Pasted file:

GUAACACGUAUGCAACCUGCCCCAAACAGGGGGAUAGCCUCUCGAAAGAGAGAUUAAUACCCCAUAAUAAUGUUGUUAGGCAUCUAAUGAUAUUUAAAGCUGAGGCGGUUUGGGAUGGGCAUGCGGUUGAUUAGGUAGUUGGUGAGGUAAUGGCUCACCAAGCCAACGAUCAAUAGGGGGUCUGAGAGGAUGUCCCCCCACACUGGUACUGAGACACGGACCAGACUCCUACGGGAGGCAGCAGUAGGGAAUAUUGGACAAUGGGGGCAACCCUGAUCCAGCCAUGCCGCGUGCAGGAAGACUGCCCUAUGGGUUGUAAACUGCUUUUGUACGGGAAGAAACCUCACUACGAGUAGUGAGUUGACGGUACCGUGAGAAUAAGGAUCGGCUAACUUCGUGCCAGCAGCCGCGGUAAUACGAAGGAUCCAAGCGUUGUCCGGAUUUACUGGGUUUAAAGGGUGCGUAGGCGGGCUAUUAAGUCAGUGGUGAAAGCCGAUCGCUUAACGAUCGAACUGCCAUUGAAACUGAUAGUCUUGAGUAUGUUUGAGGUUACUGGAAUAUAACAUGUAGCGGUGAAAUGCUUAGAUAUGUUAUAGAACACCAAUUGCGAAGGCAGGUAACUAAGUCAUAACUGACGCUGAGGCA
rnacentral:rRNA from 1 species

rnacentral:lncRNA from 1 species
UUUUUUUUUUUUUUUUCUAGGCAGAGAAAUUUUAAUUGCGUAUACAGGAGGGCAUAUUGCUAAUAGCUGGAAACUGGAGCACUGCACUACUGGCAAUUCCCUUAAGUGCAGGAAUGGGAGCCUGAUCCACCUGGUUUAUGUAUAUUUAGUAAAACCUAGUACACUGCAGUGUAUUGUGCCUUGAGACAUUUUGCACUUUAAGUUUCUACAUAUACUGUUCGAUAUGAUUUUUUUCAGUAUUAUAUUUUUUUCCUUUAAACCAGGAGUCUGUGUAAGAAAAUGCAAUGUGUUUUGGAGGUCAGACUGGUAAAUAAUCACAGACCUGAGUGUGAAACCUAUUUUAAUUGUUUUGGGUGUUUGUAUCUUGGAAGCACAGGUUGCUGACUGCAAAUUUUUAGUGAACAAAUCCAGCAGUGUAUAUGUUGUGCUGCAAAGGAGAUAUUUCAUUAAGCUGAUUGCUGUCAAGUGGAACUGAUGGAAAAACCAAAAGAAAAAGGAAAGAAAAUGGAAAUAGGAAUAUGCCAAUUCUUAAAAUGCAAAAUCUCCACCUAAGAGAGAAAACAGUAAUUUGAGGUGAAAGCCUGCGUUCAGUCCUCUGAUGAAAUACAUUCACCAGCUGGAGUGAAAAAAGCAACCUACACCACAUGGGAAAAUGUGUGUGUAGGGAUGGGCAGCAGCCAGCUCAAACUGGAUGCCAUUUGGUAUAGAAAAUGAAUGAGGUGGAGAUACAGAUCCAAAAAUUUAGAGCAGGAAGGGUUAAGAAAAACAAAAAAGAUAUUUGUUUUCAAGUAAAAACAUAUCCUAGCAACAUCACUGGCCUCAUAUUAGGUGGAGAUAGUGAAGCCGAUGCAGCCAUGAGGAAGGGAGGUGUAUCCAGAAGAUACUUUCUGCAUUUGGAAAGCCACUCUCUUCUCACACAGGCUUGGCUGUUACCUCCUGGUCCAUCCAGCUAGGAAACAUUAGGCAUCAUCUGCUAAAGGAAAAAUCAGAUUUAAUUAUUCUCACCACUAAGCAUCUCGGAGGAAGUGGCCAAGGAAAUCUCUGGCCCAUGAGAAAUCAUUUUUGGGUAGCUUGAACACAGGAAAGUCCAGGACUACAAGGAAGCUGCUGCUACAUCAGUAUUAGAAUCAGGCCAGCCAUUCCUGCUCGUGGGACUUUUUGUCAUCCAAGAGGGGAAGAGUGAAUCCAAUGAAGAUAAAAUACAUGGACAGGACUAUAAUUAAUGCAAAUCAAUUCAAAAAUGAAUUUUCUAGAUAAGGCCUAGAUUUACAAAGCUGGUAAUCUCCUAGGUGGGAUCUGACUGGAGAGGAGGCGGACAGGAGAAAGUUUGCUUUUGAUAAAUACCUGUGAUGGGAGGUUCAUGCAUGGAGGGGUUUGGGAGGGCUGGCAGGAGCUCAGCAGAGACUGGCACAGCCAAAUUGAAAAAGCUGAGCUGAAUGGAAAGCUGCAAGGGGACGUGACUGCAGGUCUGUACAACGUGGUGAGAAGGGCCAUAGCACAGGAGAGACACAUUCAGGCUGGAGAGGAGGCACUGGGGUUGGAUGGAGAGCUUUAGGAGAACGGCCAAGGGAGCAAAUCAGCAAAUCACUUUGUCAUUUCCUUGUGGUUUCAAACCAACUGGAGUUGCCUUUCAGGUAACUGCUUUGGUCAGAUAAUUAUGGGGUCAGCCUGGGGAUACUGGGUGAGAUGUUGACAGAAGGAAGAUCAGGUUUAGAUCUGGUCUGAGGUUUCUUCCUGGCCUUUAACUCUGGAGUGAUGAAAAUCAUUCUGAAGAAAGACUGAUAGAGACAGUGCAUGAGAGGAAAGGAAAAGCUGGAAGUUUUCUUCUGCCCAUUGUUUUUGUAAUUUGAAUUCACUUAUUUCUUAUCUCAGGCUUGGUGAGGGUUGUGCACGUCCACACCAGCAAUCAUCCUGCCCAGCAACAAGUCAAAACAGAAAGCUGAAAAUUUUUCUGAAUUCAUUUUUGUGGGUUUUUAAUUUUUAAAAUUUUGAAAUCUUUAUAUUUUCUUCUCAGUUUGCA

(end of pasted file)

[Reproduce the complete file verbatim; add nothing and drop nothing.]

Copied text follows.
GUAACACGUAUGCAACCUGCCCCAAACAGGGGGAUAGCCUCUCGAAAGAGAGAUUAAUACCCCAUAAUAAUGUUGUUAGGCAUCUAAUGAUAUUUAAAGCUGAGGCGGUUUGGGAUGGGCAUGCGGUUGAUUAGGUAGUUGGUGAGGUAAUGGCUCACCAAGCCAACGAUCAAUAGGGGGUCUGAGAGGAUGUCCCCCCACACUGGUACUGAGACACGGACCAGACUCCUACGGGAGGCAGCAGUAGGGAAUAUUGGACAAUGGGGGCAACCCUGAUCCAGCCAUGCCGCGUGCAGGAAGACUGCCCUAUGGGUUGUAAACUGCUUUUGUACGGGAAGAAACCUCACUACGAGUAGUGAGUUGACGGUACCGUGAGAAUAAGGAUCGGCUAACUUCGUGCCAGCAGCCGCGGUAAUACGAAGGAUCCAAGCGUUGUCCGGAUUUACUGGGUUUAAAGGGUGCGUAGGCGGGCUAUUAAGUCAGUGGUGAAAGCCGAUCGCUUAACGAUCGAACUGCCAUUGAAACUGAUAGUCUUGAGUAUGUUUGAGGUUACUGGAAUAUAACAUGUAGCGGUGAAAUGCUUAGAUAUGUUAUAGAACACCAAUUGCGAAGGCAGGUAACUAAGUCAUAACUGACGCUGAGGCA
rnacentral:rRNA from 1 species

rnacentral:lncRNA from 1 species
UUUUUUUUUUUUUUUUCUAGGCAGAGAAAUUUUAAUUGCGUAUACAGGAGGGCAUAUUGCUAAUAGCUGGAAACUGGAGCACUGCACUACUGGCAAUUCCCUUAAGUGCAGGAAUGGGAGCCUGAUCCACCUGGUUUAUGUAUAUUUAGUAAAACCUAGUACACUGCAGUGUAUUGUGCCUUGAGACAUUUUGCACUUUAAGUUUCUACAUAUACUGUUCGAUAUGAUUUUUUUCAGUAUUAUAUUUUUUUCCUUUAAACCAGGAGUCUGUGUAAGAAAAUGCAAUGUGUUUUGGAGGUCAGACUGGUAAAUAAUCACAGACCUGAGUGUGAAACCUAUUUUAAUUGUUUUGGGUGUUUGUAUCUUGGAAGCACAGGUUGCUGACUGCAAAUUUUUAGUGAACAAAUCCAGCAGUGUAUAUGUUGUGCUGCAAAGGAGAUAUUUCAUUAAGCUGAUUGCUGUCAAGUGGAACUGAUGGAAAAACCAAAAGAAAAAGGAAAGAAAAUGGAAAUAGGAAUAUGCCAAUUCUUAAAAUGCAAAAUCUCCACCUAAGAGAGAAAACAGUAAUUUGAGGUGAAAGCCUGCGUUCAGUCCUCUGAUGAAAUACAUUCACCAGCUGGAGUGAAAAAAGCAACCUACACCACAUGGGAAAAUGUGUGUGUAGGGAUGGGCAGCAGCCAGCUCAAACUGGAUGCCAUUUGGUAUAGAAAAUGAAUGAGGUGGAGAUACAGAUCCAAAAAUUUAGAGCAGGAAGGGUUAAGAAAAACAAAAAAGAUAUUUGUUUUCAAGUAAAAACAUAUCCUAGCAACAUCACUGGCCUCAUAUUAGGUGGAGAUAGUGAAGCCGAUGCAGCCAUGAGGAAGGGAGGUGUAUCCAGAAGAUACUUUCUGCAUUUGGAAAGCCACUCUCUUCUCACACAGGCUUGGCUGUUACCUCCUGGUCCAUCCAGCUAGGAAACAUUAGGCAUCAUCUGCUAAAGGAAAAAUCAGAUUUAAUUAUUCUCACCACUAAGCAUCUCGGAGGAAGUGGCCAAGGAAAUCUCUGGCCCAUGAGAAAUCAUUUUUGGGUAGCUUGAACACAGGAAAGUCCAGGACUACAAGGAAGCUGCUGCUACAUCAGUAUUAGAAUCAGGCCAGCCAUUCCUGCUCGUGGGACUUUUUGUCAUCCAAGAGGGGAAGAGUGAAUCCAAUGAAGAUAAAAUACAUGGACAGGACUAUAAUUAAUGCAAAUCAAUUCAAAAAUGAAUUUUCUAGAUAAGGCCUAGAUUUACAAAGCUGGUAAUCUCCUAGGUGGGAUCUGACUGGAGAGGAGGCGGACAGGAGAAAGUUUGCUUUUGAUAAAUACCUGUGAUGGGAGGUUCAUGCAUGGAGGGGUUUGGGAGGGCUGGCAGGAGCUCAGCAGAGACUGGCACAGCCAAAUUGAAAAAGCUGAGCUGAAUGGAAAGCUGCAAGGGGACGUGACUGCAGGUCUGUACAACGUGGUGAGAAGGGCCAUAGCACAGGAGAGACACAUUCAGGCUGGAGAGGAGGCACUGGGGUUGGAUGGAGAGCUUUAGGAGAACGGCCAAGGGAGCAAAUCAGCAAAUCACUUUGUCAUUUCCUUGUGGUUUCAAACCAACUGGAGUUGCCUUUCAGGUAACUGCUUUGGUCAGAUAAUUAUGGGGUCAGCCUGGGGAUACUGGGUGAGAUGUUGACAGAAGGAAGAUCAGGUUUAGAUCUGGUCUGAGGUUUCUUCCUGGCCUUUAACUCUGGAGUGAUGAAAAUCAUUCUGAAGAAAGACUGAUAGAGACAGUGCAUGAGAGGAAAGGAAAAGCUGGAAGUUUUCUUCUGCCCAUUGUUUUUGUAAUUUGAAUUCACUUAUUUCUUAUCUCAGGCUUGGUGAGGGUUGUGCACGUCCACACCAGCAAUCAUCCUGCCCAGCAACAAGUCAAAACAGAAAGCUGAAAAUUUUUCUGAAUUCAUUUUUGUGGGUUUUUAAUUUUUAAAAUUUUGAAAUCUUUAUAUUUUCUUCUCAGUUUGCA